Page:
All lumber listed is western red cedar. 2x4s Get twelve 8-foor boards. 1x4s Get at least four 8-foot boards. 1x2s Get at least nine 8-foot boards. 2x6s Get three 8-foot boards. 2x2s Get two 8-foot boards or five 4-foot spindles for the purlins. ¼-inch spacers cut from scrap. Post anchors Get four. Construction adhesive Stainless-steel trim-head screws You need three sizes: 1¼ inch, 2⅝ inch, and 3 inch.
Tools You Will Need:
2. miter saw
4. drill/driver and 1-inch paddle bit
5. caulk gun
6. 4-foot level
8. combination square
9. flexible curve to draw profile for rafter tails
Sure, you could plop a couple of deck chairs in your backyard for an impromptu sitting area. But a hand-built cedar bench, framed by an arbor, gives you a more permanent place to kick back as the weather warms up, and adds an elegant architectural feature. Our design incorporates classic touches such as profiled rafter tails, alternating wide and narrow boards for the seat and backrest, and trellis sides to let your favorite climbers ascend to the overhead structure. Or you can let the bench remain free of greenery—it's eye-catching enough on its own. Follow along as This Old House senior technical editor Mark Powers puts it all together.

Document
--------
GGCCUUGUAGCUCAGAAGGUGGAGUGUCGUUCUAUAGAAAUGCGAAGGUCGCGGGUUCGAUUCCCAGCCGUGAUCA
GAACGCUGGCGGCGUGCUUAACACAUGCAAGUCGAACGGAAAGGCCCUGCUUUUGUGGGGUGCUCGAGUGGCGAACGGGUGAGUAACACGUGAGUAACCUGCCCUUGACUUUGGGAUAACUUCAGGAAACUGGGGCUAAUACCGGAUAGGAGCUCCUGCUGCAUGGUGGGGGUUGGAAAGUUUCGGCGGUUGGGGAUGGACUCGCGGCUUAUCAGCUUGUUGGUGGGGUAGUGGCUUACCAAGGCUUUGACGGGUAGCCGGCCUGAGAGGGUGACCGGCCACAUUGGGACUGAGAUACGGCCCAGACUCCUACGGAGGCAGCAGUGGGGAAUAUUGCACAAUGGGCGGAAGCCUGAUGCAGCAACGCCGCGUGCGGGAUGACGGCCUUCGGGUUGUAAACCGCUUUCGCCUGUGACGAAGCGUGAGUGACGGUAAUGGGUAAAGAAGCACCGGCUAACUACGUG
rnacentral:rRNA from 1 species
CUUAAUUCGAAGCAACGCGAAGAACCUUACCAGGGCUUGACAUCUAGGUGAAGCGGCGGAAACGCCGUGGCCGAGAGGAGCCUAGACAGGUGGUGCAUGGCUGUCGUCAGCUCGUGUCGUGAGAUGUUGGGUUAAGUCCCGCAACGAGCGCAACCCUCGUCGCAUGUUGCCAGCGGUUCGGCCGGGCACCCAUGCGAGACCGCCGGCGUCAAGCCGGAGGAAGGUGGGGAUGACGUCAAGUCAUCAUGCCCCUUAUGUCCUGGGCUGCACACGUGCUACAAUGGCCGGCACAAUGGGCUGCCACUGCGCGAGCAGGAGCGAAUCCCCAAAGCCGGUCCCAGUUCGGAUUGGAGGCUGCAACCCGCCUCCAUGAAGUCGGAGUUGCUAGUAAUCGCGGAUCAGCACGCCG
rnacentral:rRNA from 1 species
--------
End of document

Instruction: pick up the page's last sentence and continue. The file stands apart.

Western red cedar: Find a dealer near you at WRCLA.